Quite a few Tucsonans, having heard that the City government will not fund a fireworks display this year, think that the city will not see a major fireworks display on Independence Day. They're in for a surprise tonight: according to the Daily Star, Tucson Electric Power, the Arizona Builders Alliance, Cox Communications, the Tohono O'Odham Nation, the Pasqua Yaqui tribe, and several anonymous donors, on hearing this news, contributed more than enough to fund the the traditional fireworks show at Sentinel Peak.
It's long been known that government crowds out civil society. (See Russ Roberts's Concise Encyclopedia of Economics article on "charity" for a plain-language introduction, and its bibliography for rigorous development.) If nothing else, when government is allowed to attempt to do "good" beyond a limited scope, the individual's sense of obligation is removed. No longer can one assume that if one doesn't support one's causes, the causes will not receive support. It even becomes cheaper to lobby for government expense on the things one values than to self-fund.
But as the scope of government grows, encroaching on the many functions of civil society, government, charity, and civic life are all broken. Throwing money around substitutes for genuine civic interest and compassion for the poor. The level to which causes and interests are funded becomes dependent not on genuine persuasion of those who pay but rather on appeal to the prejudices of a few opinionmakers in the press and decisionmakers in government. And the number of political issues grows to the point where voting is corrupted and ineffective. The voter concerned about civil liberties, the effectiveness of the criminal justice system or the health of the environment may be canceled out by someone who supports the incumbent because he voted to give a few thousand dollars from the public treasury to support basket-weaving or folk dancing or his favorite charitable aid organization.
Civil society's decline, and the associated corruption of the voting mechanism, can be reversed by a controlled withdrawal of government from activities that aren't governance. We've been seeing that happen out of necessity in Arizona. The private takeover of responsibility for the Independence Day fireworks was but the first conspicuous reclamation of civic life by civil society. As reported on the Desert Lamp, (mining firm) Freeport McMoRan stepped up to fund the University of Arizona Mineral Museum. More examples are certainly to come.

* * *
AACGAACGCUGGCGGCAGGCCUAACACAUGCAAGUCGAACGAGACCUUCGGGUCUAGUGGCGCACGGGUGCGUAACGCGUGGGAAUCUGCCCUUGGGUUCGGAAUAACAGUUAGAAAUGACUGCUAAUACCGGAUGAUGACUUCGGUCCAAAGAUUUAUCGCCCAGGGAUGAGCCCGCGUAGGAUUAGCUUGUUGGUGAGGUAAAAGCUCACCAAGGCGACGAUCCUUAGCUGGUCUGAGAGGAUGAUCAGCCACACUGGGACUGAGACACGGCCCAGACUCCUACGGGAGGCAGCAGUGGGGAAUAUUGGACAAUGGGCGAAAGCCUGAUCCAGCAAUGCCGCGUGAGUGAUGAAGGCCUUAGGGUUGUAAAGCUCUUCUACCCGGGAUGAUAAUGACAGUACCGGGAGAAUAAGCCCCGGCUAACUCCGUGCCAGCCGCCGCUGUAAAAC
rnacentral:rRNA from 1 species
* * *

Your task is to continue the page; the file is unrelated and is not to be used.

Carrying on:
After over a year of war, on 4 July 1776, the Second Continental Congress voted to declare independence from a government which no longer served what, to them, was its purpose. This was no mere separation; the Congress's statements and actions, even as they fall squarely within the English liberal or whiggish tradition, were motivated by radical ideas, such as the republicanism popularized by Thomas Paine. The break was not just with Parliament and the King, but also with Man's past. Strongmen, chieftains, and military commanders became monarchs and nobles, over and over. In the new republic, there were no nobles; all were equal before the law.
Nobility throughout history (and before) was privilege and power, certainly, but it would be inaccurate to say that it was nothing but privilege and power. Military service was expected, as were displays of generosity, support for the arts and sciences, and civic festival and ceremony. Send the tax collectors to terrorize, then hand out denarii at the parade. The expectation of conspicuous generosity from strongmen, chieftains, nobles, and the like is so universal that some have it as a human instinct that continues to influence our voting behavior and our thoughts on leadership.
This expectation carried the day at the Arizona Daily Star, which speaks of a duty of the city government to take action for boost civic bragging rights, and plays up the relatively low cost of a fireworks display, as though it were shaming a stingy nobleman. Instinct or not, this line of thought, lamenting that rulers do not do for us what we can do for ourselves in civil society, is servile.
Among what we threw out on 4 July 1776 was the expectation that civic life would be provided for us by the government. That Tucson's festivities are, even accidentally, in accord with the spirit of the day makes the celebration so much sweeter.
I wish the readers of Goldwater State a safe, happy, and free Independence Day. (Take Evan Lisull's advice if you encounter any swarms of officers!)